Bill Vint | PBA Media Relations

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PBA Spare Shots


For PBA star Jason Belmonte, the shots fired on that horrific day at south Florida’s Marjory Stoneman Douglas were, figuratively speaking, heard halfway around the world. Like millions of people, Belmonte wanted to do something. He just wasn’t sure what he could or should do.

When he heard that 17-year-old Hannah Carbocci was a member of the Stoneman Douglas girls’ bowling team and had not only survived the mass shooting, but had launched a fund-raising effort on behalf of the families of victims, Belmonte decided to make a phone call.

What I thought was going to be my role was as simple as a phone call, and I was willing to do that,” Belmonte said in early May. “Within the first couple of minutes, I knew I wanted to meet the family.”

Admitting he knew nothing about the family, he decided to make a side trip to Florida after the PBA League competition in Portland, Maine, to visit Hannah and her family.

“It was a fantastic day,” he said. “I didn’t know what to expect; I just wanted to meet them. I knew nothing about them other than that terrible incident, but I could see they are very passionate about bowling, and the causes they fight for.

“When you talk about bowlers’ bad luck, you talk about ringing 10 pins and splits, but that is nothing compared to what this family went through. They used a community of bowlers to support other bowlers. That’s the one thing I’ve taken away from this trip.

“They raised more than $30,000 to support the victims’ families,” he continued. “That’s a lot of money to raise, and not from one person, but from hundreds of people. It just shows how amazing our family of bowlers really is.”

Belmonte made the trip to Florida and went bowling with the Carbocci family. He gave the family bowling balls and bags, and with the assistance of fellow PBA competitor and pro shop operator Andres Gomez, got the equipment drilled.

Belmonte’s gesture was merely something he did out of caring, and because he was in a position to do something positive.

“I don’t know what I’m doing in my future, but I’m very aware of my place in the bowling industry,” he said. “I think most of our guys know what their position is; it’s something that comes with the territory. If you’re not doing your share, you’re not taking care of your position atop the sport to help people.”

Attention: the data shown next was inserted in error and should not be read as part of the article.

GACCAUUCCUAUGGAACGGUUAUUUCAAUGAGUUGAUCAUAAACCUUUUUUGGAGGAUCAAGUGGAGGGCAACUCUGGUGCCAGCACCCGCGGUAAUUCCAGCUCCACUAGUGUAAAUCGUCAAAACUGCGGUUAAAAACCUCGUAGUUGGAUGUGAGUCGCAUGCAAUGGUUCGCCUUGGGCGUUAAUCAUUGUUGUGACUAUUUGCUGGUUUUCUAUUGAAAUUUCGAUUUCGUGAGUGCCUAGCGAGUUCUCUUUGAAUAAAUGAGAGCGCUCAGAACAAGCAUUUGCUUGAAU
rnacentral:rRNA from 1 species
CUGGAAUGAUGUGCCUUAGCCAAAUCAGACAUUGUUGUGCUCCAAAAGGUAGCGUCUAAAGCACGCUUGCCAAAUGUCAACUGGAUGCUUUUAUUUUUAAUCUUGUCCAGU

In a feature story by USBC’s Matt Cannizzaro, who originally broke the news about Belmonte’s plans to visit Hannah and family, Belmonte said, “If I do ever retire from competing, I would love to fly the flag for bowling on a more regular basis… Straight up, I love bowling and I want bowling to be healthier and better. I think the bowling community as a whole is a beautiful community. I think when bowlers need each other, we step up.”

So Belmonte put on his wings and flew. From Australia to Parkland, Fla. – a short trek northwest of Fort Lauderdale – by way of Portland. And he made a new friend.

“Hannah, in particular, we’re going to be good little friends,” Belmonte said. “She has some aspirations in the sport, and as time goes along, I’ll see what I can do to help her.”


The story of Jason Belmonte’s “side trip” to visit Hannah Carbocci and her family in Parkland, Fla., after bowling in the OceanView at Falmouth PBA League in Portland, is a bit understated.

To get a feel for what “Belmo” (and other PBA players from Australia, Southeast Asia, Europe and other destinations around the world) have to go through to bowl in PBA Tour events in the United States, below is Belmonte’s itinerary to get to Portland:

● Drove four hours from his home in Orange, New South Wales to Sydney;

● Waited two hours at the airport for his next flight;

● Flew 16 hours from Sydney to Dallas;

● Waited three hours in Dallas for his next flight;

● Flew 3.5 hours from Dallas to Philadelphia;

● Waited 2 hours for his next leg;

● Flew 1.5 hours from Philadelphia to Portland;

● Called Uber for a ride to his hotel.